Tuesday, April 10, 2012

Cradle To Grave Lot Tracking

In my last post about lot tracking in a manufacturing environment, I tried to differentiate between software that allows you to record the lot number of materials you receive and complete -- and software that maintains an auditable connection between received raw materials and completed finished goods.

The cheap way to implement lot tracking in a software product is to maintain a table of lot numbers for raw materials received. If the software you are evaluating records lot numbers on the PO receiving side, there’s a good chance it also records lot numbers of the MO production side of the house. That may be as far as it goes, but that may not be far enough for your needs, or the needs of a regulatory agency that keeps tabs on your operations.

If the software you are evaluating is advertised as being “integrated with a core accounting system” then you should look for the ability to pass the lot number of the items just assembled to the sales order invoicing system. If the core accounting system has lot tracking capability, look for the ability to see which lots were delivered to which customers -- or which customers received which lots.

The MISys Manufacturing System provides what we call “cradle-to-grave” lot tracking – the complete path of lot numbered items as they move through the production process. It’s a system that meets the audit requirements of most regulatory agencies.

Imagine that you are notified by the FDA of a product recall of some raw material Item XYZ. You immediately need to be in touch with customers who purchased a finished good you produced that used the affected lot. You find yourself in a very precarious position if your manufacturing software cannot trace the affected lot number from the time it was received as a raw material, through every level of sub-assembly, to the finished good, and eventually to the customer.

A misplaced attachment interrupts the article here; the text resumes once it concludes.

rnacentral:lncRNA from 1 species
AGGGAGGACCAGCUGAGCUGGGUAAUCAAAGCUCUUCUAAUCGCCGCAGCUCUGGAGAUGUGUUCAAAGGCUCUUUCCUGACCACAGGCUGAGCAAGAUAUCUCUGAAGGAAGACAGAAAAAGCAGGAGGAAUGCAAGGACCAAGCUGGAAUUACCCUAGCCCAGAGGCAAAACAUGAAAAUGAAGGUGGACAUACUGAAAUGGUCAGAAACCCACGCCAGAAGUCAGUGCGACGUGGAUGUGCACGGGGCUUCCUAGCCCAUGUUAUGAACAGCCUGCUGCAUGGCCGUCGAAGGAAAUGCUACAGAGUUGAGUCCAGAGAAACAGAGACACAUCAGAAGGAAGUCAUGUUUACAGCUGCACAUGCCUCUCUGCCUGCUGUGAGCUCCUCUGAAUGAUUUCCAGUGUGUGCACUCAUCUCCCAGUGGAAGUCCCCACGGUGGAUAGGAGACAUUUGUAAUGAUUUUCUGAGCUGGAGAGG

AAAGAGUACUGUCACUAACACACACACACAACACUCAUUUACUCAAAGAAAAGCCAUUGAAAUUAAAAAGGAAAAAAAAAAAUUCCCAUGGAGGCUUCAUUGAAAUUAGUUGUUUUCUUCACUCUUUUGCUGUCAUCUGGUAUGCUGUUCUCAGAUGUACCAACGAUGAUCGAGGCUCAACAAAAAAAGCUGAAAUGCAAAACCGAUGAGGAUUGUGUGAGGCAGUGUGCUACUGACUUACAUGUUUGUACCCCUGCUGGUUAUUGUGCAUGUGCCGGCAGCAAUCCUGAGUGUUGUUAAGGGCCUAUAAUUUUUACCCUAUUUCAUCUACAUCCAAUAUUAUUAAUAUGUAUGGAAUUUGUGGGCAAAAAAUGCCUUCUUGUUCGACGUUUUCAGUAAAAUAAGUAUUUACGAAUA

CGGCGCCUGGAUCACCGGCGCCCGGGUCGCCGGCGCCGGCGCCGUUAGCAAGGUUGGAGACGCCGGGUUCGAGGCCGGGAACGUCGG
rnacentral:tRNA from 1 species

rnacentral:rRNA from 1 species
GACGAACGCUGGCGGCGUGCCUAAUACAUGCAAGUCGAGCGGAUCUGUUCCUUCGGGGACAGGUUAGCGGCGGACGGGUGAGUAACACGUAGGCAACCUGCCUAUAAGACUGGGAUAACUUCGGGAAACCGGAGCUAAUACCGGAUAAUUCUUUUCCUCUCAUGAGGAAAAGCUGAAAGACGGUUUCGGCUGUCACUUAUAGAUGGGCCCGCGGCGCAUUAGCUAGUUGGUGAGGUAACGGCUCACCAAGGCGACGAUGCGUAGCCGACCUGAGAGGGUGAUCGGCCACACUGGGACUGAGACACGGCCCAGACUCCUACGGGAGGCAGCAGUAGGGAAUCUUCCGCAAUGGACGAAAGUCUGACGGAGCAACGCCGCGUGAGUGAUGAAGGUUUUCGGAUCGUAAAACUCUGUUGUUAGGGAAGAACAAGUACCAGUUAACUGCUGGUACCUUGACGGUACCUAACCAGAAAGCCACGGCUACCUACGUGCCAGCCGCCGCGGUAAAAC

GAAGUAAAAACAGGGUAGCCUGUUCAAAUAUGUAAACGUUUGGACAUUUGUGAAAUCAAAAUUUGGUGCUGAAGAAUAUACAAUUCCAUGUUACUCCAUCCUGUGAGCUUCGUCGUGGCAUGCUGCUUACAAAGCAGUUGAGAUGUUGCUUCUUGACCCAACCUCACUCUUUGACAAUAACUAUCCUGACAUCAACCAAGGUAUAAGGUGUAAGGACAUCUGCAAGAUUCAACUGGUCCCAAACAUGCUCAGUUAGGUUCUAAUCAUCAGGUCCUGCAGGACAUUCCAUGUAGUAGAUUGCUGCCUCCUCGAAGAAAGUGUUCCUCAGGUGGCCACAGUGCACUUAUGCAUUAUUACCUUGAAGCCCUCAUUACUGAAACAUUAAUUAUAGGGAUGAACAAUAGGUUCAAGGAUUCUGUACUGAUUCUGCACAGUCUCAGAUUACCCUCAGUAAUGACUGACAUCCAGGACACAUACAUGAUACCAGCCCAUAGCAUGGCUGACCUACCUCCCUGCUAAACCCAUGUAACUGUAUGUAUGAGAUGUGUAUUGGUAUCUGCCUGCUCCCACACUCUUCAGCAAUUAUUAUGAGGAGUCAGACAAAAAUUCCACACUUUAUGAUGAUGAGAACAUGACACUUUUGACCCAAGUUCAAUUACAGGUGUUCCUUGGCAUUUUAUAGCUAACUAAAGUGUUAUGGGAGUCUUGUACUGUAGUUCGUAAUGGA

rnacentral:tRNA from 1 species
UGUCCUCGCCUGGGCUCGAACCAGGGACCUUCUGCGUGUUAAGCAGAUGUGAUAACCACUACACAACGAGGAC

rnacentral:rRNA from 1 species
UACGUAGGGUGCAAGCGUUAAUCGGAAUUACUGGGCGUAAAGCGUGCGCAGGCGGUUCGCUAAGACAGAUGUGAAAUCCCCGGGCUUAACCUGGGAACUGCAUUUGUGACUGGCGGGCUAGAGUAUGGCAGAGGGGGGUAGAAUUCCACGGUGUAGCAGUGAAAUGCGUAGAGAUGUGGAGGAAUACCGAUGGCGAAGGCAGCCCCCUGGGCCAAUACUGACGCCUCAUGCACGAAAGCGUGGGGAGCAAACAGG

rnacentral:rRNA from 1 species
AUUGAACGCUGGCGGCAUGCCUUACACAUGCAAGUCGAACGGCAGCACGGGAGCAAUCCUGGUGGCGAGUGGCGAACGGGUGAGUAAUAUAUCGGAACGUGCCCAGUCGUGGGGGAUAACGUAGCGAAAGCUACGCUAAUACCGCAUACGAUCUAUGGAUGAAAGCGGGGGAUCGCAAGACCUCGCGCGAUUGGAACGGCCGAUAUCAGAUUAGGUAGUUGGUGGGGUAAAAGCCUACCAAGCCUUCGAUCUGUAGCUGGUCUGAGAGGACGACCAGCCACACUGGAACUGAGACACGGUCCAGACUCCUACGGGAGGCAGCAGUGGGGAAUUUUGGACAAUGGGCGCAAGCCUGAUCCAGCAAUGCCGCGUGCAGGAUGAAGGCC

Similarly, imagine that within a few hours of one another, three customers all complain of the same failure in a finished good you produce. You suspect some particular lot of a raw material item used in the product, but which lot? If you could determine that the same lot numbered raw material was used in each of their products then you’d have fingered the culprit. You need help from your manufacturing software.

As you can see, the real value of a lot tracking system is lies in its ability to connect the vendor’s raw material item to the customer’s finished good item. Software that does this will cost more and require more data entry on your part, but when a regulatory agency comes calling, you’ll be glad you made the right choice.

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